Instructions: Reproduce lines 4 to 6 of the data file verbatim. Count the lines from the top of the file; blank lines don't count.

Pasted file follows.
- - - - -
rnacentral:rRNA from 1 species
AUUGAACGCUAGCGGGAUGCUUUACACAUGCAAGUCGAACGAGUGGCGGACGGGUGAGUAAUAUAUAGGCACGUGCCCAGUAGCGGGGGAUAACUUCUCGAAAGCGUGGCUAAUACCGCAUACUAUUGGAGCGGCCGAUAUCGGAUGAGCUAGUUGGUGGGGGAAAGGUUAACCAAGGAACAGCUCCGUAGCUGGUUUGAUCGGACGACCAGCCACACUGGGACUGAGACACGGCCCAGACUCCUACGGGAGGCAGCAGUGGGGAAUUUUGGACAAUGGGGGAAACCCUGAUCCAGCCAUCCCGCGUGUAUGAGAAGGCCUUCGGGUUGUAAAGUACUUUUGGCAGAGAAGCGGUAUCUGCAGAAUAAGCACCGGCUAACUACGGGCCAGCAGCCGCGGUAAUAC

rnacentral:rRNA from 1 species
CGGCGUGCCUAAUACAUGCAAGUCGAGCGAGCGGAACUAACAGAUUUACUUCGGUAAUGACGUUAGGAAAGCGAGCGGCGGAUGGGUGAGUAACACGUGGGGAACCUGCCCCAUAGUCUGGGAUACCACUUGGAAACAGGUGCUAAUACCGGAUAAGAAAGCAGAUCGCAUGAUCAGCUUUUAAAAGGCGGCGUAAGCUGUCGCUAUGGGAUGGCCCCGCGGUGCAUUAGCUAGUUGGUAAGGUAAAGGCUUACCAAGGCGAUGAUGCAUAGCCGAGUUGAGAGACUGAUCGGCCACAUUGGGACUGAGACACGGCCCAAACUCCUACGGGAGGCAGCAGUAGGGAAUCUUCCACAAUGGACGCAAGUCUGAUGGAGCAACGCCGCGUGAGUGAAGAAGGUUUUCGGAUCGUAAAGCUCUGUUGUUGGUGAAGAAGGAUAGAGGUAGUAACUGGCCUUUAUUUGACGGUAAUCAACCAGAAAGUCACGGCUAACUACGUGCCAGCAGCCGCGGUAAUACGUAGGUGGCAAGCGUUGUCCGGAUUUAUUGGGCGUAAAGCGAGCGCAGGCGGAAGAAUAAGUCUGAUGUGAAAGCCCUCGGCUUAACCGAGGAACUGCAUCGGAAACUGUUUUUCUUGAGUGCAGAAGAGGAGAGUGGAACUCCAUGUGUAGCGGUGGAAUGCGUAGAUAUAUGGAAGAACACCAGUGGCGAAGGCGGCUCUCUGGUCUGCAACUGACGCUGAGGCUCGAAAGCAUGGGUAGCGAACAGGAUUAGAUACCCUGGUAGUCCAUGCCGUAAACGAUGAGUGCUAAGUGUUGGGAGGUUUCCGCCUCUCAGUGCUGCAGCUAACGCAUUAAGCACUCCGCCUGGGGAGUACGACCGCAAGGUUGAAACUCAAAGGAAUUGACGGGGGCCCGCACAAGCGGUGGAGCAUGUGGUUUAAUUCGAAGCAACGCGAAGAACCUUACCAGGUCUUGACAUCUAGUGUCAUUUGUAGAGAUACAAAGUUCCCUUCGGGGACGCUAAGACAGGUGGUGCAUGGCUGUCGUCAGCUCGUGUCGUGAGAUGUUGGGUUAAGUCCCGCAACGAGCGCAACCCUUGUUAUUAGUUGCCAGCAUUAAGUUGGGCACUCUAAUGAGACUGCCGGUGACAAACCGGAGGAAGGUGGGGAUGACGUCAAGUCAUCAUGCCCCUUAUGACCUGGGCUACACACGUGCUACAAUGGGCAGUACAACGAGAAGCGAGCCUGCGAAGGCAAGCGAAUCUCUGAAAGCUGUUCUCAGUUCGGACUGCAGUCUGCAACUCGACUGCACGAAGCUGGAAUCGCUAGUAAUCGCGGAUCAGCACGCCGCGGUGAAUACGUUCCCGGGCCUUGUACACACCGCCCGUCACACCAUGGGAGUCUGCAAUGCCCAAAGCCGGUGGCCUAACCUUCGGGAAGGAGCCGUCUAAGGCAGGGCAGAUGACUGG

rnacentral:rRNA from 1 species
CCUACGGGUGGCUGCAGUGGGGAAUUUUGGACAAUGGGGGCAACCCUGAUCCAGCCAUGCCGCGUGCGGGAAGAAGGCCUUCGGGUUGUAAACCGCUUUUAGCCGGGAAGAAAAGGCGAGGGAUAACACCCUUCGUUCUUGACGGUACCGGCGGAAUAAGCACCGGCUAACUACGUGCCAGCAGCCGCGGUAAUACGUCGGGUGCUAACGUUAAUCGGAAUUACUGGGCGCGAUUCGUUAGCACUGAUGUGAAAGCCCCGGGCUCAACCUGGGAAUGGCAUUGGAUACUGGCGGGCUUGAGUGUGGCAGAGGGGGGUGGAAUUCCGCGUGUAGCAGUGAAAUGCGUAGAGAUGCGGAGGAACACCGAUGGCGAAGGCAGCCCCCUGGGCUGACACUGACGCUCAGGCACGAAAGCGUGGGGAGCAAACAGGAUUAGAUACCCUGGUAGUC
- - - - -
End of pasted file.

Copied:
CGGCGUGCCUAAUACAUGCAAGUCGAGCGAGCGGAACUAACAGAUUUACUUCGGUAAUGACGUUAGGAAAGCGAGCGGCGGAUGGGUGAGUAACACGUGGGGAACCUGCCCCAUAGUCUGGGAUACCACUUGGAAACAGGUGCUAAUACCGGAUAAGAAAGCAGAUCGCAUGAUCAGCUUUUAAAAGGCGGCGUAAGCUGUCGCUAUGGGAUGGCCCCGCGGUGCAUUAGCUAGUUGGUAAGGUAAAGGCUUACCAAGGCGAUGAUGCAUAGCCGAGUUGAGAGACUGAUCGGCCACAUUGGGACUGAGACACGGCCCAAACUCCUACGGGAGGCAGCAGUAGGGAAUCUUCCACAAUGGACGCAAGUCUGAUGGAGCAACGCCGCGUGAGUGAAGAAGGUUUUCGGAUCGUAAAGCUCUGUUGUUGGUGAAGAAGGAUAGAGGUAGUAACUGGCCUUUAUUUGACGGUAAUCAACCAGAAAGUCACGGCUAACUACGUGCCAGCAGCCGCGGUAAUACGUAGGUGGCAAGCGUUGUCCGGAUUUAUUGGGCGUAAAGCGAGCGCAGGCGGAAGAAUAAGUCUGAUGUGAAAGCCCUCGGCUUAACCGAGGAACUGCAUCGGAAACUGUUUUUCUUGAGUGCAGAAGAGGAGAGUGGAACUCCAUGUGUAGCGGUGGAAUGCGUAGAUAUAUGGAAGAACACCAGUGGCGAAGGCGGCUCUCUGGUCUGCAACUGACGCUGAGGCUCGAAAGCAUGGGUAGCGAACAGGAUUAGAUACCCUGGUAGUCCAUGCCGUAAACGAUGAGUGCUAAGUGUUGGGAGGUUUCCGCCUCUCAGUGCUGCAGCUAACGCAUUAAGCACUCCGCCUGGGGAGUACGACCGCAAGGUUGAAACUCAAAGGAAUUGACGGGGGCCCGCACAAGCGGUGGAGCAUGUGGUUUAAUUCGAAGCAACGCGAAGAACCUUACCAGGUCUUGACAUCUAGUGUCAUUUGUAGAGAUACAAAGUUCCCUUCGGGGACGCUAAGACAGGUGGUGCAUGGCUGUCGUCAGCUCGUGUCGUGAGAUGUUGGGUUAAGUCCCGCAACGAGCGCAACCCUUGUUAUUAGUUGCCAGCAUUAAGUUGGGCACUCUAAUGAGACUGCCGGUGACAAACCGGAGGAAGGUGGGGAUGACGUCAAGUCAUCAUGCCCCUUAUGACCUGGGCUACACACGUGCUACAAUGGGCAGUACAACGAGAAGCGAGCCUGCGAAGGCAAGCGAAUCUCUGAAAGCUGUUCUCAGUUCGGACUGCAGUCUGCAACUCGACUGCACGAAGCUGGAAUCGCUAGUAAUCGCGGAUCAGCACGCCGCGGUGAAUACGUUCCCGGGCCUUGUACACACCGCCCGUCACACCAUGGGAGUCUGCAAUGCCCAAAGCCGGUGGCCUAACCUUCGGGAAGGAGCCGUCUAAGGCAGGGCAGAUGACUGG

rnacentral:rRNA from 1 species
CCUACGGGUGGCUGCAGUGGGGAAUUUUGGACAAUGGGGGCAACCCUGAUCCAGCCAUGCCGCGUGCGGGAAGAAGGCCUUCGGGUUGUAAACCGCUUUUAGCCGGGAAGAAAAGGCGAGGGAUAACACCCUUCGUUCUUGACGGUACCGGCGGAAUAAGCACCGGCUAACUACGUGCCAGCAGCCGCGGUAAUACGUCGGGUGCUAACGUUAAUCGGAAUUACUGGGCGCGAUUCGUUAGCACUGAUGUGAAAGCCCCGGGCUCAACCUGGGAAUGGCAUUGGAUACUGGCGGGCUUGAGUGUGGCAGAGGGGGGUGGAAUUCCGCGUGUAGCAGUGAAAUGCGUAGAGAUGCGGAGGAACACCGAUGGCGAAGGCAGCCCCCUGGGCUGACACUGACGCUCAGGCACGAAAGCGUGGGGAGCAAACAGGAUUAGAUACCCUGGUAGUC